Integrated Molecular Meta-Analysis of 1,000 Pediatric High-Grade and Diffuse Intrinsic Pontine Glioma.

Mackay A, Burford A, Carvalho D, Izquierdo E, Fazal-Salom J, Taylor KR, Bjerke L, Clarke M, Vinci M, Nandhabalan M, Temelso S, Popov S, Molinari V, Raman P, Waanders AJ, Han HJ, Gupta S, Marshall L, Zacharoulis S, Vaidya S, Mandeville HC, Bridges LR, Martin AJ, Al-Sarraj S, Chandler C, Ng HK, Li X, Mu K, Trabelsi S, Brahim DH, Kisljakov AN, Konovalov DM, Moore AS, Carcaboso AM, Sunol M, de Torres C, Cruz O, Mora J, Shats LI, Stavale JN, Bidinotto LT, Reis RM, Entz-Werle N, Farrell M, Cryan J, Crimmins D, Caird J, Pears J, Monje M, Debily MA, Castel D, Grill J, Hawkins C, Nikbakht H, Jabado N, Baker SJ, Pfister SM, Jones DTW, Fouladi M, von Bueren AO, Baudis M, Resnick A, Jones C.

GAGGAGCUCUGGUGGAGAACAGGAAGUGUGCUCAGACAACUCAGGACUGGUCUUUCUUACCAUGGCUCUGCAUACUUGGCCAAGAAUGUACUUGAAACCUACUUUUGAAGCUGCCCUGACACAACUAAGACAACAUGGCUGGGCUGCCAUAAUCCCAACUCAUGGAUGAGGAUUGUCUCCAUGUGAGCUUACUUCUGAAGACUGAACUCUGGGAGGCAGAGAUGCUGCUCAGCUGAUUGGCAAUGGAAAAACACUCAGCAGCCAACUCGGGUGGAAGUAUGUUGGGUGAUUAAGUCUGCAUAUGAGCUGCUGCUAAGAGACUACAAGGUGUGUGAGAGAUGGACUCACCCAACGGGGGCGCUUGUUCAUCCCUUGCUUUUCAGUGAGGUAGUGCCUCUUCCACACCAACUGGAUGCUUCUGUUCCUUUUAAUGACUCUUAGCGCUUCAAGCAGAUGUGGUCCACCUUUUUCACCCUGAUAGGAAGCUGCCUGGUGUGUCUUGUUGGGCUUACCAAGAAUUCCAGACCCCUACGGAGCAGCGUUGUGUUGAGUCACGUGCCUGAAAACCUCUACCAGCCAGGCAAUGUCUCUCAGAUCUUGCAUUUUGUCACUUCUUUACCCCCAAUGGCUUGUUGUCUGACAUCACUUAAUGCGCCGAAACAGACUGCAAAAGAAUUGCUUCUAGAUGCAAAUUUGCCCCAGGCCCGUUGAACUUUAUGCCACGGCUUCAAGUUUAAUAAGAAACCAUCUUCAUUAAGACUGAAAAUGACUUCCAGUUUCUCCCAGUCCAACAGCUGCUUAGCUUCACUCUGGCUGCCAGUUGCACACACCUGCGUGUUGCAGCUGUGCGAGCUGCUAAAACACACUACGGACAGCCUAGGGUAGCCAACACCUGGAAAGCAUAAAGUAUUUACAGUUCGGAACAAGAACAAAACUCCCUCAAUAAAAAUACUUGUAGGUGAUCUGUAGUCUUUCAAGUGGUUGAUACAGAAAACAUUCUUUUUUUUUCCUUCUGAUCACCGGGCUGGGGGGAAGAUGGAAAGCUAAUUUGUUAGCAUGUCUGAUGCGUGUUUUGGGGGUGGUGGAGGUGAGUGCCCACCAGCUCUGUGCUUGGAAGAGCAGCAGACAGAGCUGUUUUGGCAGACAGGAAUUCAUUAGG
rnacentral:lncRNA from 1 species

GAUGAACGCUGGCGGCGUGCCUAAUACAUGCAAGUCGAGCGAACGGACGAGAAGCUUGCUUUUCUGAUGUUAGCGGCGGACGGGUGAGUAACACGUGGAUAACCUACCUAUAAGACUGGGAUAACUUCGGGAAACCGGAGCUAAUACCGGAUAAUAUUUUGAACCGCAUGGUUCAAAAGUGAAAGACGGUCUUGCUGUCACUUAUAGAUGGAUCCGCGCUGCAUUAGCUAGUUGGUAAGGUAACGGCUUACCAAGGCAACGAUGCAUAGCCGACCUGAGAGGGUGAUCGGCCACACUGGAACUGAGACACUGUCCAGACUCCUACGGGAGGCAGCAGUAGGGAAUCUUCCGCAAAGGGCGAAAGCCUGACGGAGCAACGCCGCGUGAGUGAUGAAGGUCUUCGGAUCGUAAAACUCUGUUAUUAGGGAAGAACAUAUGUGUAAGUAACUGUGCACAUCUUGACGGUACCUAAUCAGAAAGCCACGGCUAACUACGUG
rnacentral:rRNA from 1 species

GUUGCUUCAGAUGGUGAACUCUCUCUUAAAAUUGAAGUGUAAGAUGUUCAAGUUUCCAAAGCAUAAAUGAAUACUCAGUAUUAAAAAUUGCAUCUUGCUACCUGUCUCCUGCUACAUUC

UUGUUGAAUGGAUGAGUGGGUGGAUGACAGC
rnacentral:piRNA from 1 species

Abstract We collated data from 157 unpublished cases of pediatric high-grade glioma and diffuse intrinsic pontine glioma and 20 publicly available datasets in an integrated analysis of >1,000 cases. We identified co-segregating mutations in histone-mutant subgroups including loss of FBXW7 in H3.3G34R/V, TOP3A rearrangements in H3.3K27M, and BCOR mutations in H3.1K27M. Histone wild-type subgroups are refined by the presence of key oncogenic events or methylation profiles more closely resembling lower-grade tumors. Genomic aberrations increase with age, highlighting the infant population as biologically and clinically distinct. Uncommon pathway dysregulation is seen in small subsets of tumors, further defining the molecular diversity of the disease, opening up avenues for biological study and providing a basis for functionally defined future treatment stratification.